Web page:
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The Ethics of the Stoic Epictetus

An English Translation, Revised Edition


William O. Stephens

This text remains the only English translation of Bonhöffer’s classic, definitive examination of Epictetus’s ethics. Thorough, knowledgeable, perceptive, and accessible, the unity of this book and its thematic presentation make it an invaluable resource for both scholars and general readers eager to apply Stoic thinking in their daily lives. The translation is crisp, clear, consistent, and very readable. Careful attention to the details and nuances of the German as well as the Greek of Epictetus make this an excellent achievement. This new edition includes a useful biography of Bonhöffer, a new overview of the last twenty years of scholarship on Epictetus, and an extensive bibliography. It is essential reading for students taking courses on ancient Hellenistic or Roman philosophy, their instructors, and any non-academics who want to learn Stoicism.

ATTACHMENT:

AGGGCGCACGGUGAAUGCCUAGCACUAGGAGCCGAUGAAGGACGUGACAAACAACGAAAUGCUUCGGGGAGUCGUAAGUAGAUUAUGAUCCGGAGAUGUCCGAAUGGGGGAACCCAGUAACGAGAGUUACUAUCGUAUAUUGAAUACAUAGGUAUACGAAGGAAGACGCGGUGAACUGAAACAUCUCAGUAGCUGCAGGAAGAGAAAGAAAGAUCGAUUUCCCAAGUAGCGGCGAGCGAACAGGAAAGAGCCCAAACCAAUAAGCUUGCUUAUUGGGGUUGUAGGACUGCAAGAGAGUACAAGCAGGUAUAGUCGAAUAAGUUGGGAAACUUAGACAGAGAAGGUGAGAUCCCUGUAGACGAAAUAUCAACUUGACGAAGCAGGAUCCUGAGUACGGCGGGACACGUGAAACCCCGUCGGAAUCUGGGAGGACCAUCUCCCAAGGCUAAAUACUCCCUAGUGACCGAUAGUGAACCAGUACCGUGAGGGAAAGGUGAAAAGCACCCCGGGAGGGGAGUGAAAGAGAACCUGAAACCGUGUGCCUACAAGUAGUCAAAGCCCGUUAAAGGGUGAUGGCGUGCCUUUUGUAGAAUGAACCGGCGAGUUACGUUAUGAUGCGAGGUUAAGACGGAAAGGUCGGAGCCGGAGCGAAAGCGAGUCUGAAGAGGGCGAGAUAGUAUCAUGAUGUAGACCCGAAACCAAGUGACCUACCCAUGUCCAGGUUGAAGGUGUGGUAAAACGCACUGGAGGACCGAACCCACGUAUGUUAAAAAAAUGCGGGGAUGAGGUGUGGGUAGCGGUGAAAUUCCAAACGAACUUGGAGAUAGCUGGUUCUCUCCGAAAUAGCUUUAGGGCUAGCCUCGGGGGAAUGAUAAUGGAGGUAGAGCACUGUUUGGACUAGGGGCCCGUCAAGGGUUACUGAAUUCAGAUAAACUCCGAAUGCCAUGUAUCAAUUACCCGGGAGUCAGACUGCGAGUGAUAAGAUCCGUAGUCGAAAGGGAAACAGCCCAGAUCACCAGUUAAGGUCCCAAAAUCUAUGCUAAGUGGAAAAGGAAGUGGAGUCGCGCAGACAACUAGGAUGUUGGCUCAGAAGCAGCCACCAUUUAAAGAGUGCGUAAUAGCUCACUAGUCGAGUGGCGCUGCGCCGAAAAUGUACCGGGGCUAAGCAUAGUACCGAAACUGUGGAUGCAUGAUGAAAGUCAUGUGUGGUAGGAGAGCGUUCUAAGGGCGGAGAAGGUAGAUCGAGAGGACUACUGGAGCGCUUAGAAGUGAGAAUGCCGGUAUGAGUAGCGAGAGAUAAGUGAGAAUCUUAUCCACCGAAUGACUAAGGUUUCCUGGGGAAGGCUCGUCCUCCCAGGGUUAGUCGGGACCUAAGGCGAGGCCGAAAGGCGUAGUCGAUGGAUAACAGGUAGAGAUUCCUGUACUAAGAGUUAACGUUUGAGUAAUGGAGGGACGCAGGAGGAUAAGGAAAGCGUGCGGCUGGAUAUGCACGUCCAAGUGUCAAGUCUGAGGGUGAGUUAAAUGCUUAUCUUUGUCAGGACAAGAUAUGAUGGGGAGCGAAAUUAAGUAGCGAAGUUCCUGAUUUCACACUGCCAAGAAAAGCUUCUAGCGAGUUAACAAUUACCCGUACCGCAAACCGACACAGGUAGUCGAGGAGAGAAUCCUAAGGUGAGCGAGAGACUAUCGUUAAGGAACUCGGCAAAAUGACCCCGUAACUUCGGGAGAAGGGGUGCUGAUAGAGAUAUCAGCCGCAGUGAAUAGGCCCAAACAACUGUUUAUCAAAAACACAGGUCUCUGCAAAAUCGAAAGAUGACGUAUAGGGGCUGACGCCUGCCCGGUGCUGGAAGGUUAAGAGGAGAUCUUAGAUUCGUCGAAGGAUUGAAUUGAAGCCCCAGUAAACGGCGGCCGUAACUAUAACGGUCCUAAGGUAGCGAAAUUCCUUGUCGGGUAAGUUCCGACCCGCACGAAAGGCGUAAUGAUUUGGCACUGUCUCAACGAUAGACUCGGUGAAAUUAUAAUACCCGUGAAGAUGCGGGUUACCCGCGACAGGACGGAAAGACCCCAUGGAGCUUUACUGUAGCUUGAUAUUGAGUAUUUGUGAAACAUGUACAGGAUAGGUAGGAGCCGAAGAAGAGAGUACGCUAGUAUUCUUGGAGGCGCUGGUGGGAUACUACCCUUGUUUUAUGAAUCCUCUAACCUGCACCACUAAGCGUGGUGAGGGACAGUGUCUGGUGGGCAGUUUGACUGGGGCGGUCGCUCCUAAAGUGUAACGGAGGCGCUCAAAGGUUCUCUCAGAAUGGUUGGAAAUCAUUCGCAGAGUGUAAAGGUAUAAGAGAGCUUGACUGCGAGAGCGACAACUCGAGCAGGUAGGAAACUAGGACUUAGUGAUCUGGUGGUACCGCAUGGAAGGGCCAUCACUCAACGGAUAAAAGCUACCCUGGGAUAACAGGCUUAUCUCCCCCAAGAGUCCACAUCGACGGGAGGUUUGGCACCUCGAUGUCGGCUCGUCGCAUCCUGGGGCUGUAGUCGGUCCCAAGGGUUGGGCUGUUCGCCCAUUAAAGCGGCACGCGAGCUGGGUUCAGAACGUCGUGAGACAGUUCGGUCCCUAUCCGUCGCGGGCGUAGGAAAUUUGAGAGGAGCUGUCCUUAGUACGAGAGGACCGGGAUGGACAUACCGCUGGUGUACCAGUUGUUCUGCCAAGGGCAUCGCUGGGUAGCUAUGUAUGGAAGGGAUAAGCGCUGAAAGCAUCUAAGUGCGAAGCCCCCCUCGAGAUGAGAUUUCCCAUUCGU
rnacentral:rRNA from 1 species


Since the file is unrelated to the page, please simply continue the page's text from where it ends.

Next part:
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2nd Section. The Highest Good or the End (Telos)

The Highest Good or the End (Telos)


[7] Second Section

(see Excursus I)

If striving for happiness is the root of everything, even moral action, then consequently happiness is the highest goal of the human being, for even truth is for the human being an object of the striving, wanted not for its own sake, but only because it is the indispensable means for attaining happiness. Whereas the Platonizing orientation in the Stoa, that is at least Posidonius and Seneca, where he follows the latter, such as particularly in the preface to the naturales quaestiones, has set theory above practice and has made knowledge of the truth as such the final end, Epictetus absolutely places principal worth on practical truth and demands the acquisition of other knowledge only if it serves as evidence and support for it. It is true he sometimes states that knowledge or the correct operation of reason generally is the highest good. God is reason, knowledge, logos orthos, and consequently we human beings must recognize our true good in our rationality, which distinguishes us from the beasts (II, 8, 1). Frequently Epictetus describes as the highest end development with respect to the perfection of reason, the possession of the correct dogmata or the correct (i.e. reasonable) use of presentations.1 But in his case what still predominates by far is the concept of the correct prohairesis, of the free will, of rational self-determination; it is this whereby the human being raises himself high above the beast, which makes him truly...

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